The missions within Story Mode are much of the same. Again, if you’ve played any previous LEGO game, you’re essentially just replaying it with all new characters within an established franchise. There are slight variations always but there are always things you can absolutely do the first time round in Story Mode and then a bajillion other things to unlock should you choose to play the level again (the completionist in me cries every time I can’t get something right away).

The one thing that seems weird to me is that the developers included a character creation portion to the beginning of the game. You can spend ages (or not) making the perfect character or simply just select one at random or one of the pre-mades. But despite the fact that they’ve included this, the focus of the game isn’t this custom character. You go back and forth between the villains with the focus sometime on The Joker or Harley or someone like Cheetah or Solomon Grundy. The “you” character is never really the sole focus. Part of the story revolves around some tech that allows a character to absorb a new superpower. I guess they didn’t want to take any one character out of continuity by giving them these powers? But basically you spend all this time playing as a bunch of other villains from the comics only to give all these new abilities to the “you” character, even though you don’t have a story or anything else really going for you.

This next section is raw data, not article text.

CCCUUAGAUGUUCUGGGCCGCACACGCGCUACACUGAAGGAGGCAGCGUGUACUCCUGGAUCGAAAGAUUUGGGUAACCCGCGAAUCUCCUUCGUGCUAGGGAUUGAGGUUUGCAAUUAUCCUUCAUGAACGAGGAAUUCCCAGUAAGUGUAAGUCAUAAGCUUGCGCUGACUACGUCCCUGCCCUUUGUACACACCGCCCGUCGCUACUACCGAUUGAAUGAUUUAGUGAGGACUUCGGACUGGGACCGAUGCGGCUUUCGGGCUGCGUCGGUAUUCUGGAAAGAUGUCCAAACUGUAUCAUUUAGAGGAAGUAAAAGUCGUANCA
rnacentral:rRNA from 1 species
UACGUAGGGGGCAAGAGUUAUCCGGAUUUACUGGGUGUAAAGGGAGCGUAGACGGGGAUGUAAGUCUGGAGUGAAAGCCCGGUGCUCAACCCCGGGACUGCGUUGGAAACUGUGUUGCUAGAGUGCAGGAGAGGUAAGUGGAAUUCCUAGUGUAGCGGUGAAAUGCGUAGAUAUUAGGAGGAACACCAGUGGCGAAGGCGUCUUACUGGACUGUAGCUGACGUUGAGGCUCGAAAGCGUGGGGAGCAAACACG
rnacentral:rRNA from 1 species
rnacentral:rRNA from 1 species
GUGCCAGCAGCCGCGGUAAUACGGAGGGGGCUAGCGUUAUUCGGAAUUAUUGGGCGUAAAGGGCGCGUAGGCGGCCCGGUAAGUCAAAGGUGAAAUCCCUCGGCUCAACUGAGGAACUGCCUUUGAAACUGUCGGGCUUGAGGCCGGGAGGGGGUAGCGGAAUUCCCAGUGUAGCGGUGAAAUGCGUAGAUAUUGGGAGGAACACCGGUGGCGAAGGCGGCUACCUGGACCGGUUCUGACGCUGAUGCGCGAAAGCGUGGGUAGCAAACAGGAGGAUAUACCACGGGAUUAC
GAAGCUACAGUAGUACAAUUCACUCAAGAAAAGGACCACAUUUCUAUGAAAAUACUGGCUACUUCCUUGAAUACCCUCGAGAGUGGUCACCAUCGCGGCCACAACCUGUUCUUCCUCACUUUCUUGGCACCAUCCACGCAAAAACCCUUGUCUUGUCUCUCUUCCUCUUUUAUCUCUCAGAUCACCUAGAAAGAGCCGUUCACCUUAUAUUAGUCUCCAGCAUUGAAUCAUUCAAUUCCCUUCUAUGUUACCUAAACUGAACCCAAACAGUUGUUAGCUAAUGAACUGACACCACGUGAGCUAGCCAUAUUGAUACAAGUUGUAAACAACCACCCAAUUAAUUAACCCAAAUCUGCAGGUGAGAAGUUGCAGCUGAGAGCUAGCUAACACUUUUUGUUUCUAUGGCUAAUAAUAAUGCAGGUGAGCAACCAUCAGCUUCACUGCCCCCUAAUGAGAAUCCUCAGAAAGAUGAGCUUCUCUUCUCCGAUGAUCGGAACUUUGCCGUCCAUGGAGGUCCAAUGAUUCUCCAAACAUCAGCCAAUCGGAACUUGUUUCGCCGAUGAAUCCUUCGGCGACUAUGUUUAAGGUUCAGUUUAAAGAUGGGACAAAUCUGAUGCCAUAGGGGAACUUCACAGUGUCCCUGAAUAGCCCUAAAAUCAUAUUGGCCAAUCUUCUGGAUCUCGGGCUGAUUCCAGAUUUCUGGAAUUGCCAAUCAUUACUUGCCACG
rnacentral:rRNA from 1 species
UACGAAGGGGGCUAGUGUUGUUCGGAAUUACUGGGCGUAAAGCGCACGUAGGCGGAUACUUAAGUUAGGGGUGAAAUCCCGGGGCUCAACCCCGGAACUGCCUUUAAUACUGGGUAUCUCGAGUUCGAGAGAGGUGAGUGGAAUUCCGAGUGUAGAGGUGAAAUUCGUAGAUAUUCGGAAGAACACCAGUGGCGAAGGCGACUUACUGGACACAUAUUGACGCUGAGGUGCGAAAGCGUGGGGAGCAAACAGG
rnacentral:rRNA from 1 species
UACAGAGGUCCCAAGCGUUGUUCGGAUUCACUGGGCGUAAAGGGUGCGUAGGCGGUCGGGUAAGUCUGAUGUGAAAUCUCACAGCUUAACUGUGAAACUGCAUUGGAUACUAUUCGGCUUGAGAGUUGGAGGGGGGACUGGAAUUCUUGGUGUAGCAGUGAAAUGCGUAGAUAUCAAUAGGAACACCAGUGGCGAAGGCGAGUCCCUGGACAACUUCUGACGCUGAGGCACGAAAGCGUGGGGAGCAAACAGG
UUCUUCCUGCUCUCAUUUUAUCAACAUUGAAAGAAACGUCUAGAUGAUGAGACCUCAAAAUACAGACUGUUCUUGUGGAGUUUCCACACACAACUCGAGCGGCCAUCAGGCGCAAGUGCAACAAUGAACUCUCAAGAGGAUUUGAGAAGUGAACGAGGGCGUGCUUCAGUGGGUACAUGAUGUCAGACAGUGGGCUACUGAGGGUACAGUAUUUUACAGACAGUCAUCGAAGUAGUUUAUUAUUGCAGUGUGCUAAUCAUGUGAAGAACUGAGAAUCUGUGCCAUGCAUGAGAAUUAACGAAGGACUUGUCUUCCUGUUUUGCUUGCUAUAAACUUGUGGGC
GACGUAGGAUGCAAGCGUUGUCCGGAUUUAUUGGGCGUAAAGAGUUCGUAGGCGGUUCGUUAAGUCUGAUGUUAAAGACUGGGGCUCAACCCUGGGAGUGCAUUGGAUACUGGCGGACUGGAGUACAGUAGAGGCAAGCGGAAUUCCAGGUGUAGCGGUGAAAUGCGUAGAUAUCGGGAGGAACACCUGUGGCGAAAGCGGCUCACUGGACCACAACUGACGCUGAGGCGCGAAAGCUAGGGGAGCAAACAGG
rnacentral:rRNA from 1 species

Verdict:

This verdict really depends on you: do you love the LEGO games and don’t mind the repetitive nature of them? Do you like the DC Universe enough to play with mostly obscure villains from it? If yes, then you’ll enjoy LEGO DC Super-Villains and you should absolutely buy it. I don’t think it’s necessarily a DAY ONE purchase (and we’re past that anyways with the game having come out on Friday) but it’s enjoyable and will definitely give you something fun to play as the weather gets cooler for the winter months to come.

If you are so-so on the LEGO games and don’t really know much about DC villains, you could probably just skip this game. It is fun but if you are on the fence about whether you need this or not, you can probably survive without it.

Stephanie is a Toronto based writer and editor. She's a comic book fan, avid gamer, movie watcher, lover of music, and sarcasm. She is a purveyor of too many projects and has done work for Talking Comics, JoBlo.com, Agents of Geek, Word of the Nerd, C&G Magazine, Dork Shelf, and more.Her writing credits include "Home Sweet Huck" (Mark Millar's Millarworld Annual 2017), "Lungarella (Secret Loves of Geek Girls, 2016), "Behind Enemy Linens" (BLOCKED Anthology, 2017), "Home and Country" (Toronto Comics Anthology, 2017) and more to come. You can read more about her shenanigans over on her personal web site.

Stephanie Cooke

Stephanie is a Toronto based writer and editor. She's a comic book fan, avid gamer, movie watcher, lover of music, and sarcasm. She is a purveyor of too many projects and has done work for Talking Comics, JoBlo.com, Agents of Geek, Word of the Nerd, C&G Magazine, Dork Shelf, and more.Her writing credits include "Home Sweet Huck" (Mark Millar's Millarworld Annual 2017), "Lungarella (Secret Loves of Geek Girls, 2016), "Behind Enemy Linens" (BLOCKED Anthology, 2017), "Home and Country" (Toronto Comics Anthology, 2017) and more to come. You can read more about her shenanigans over on her personal web site.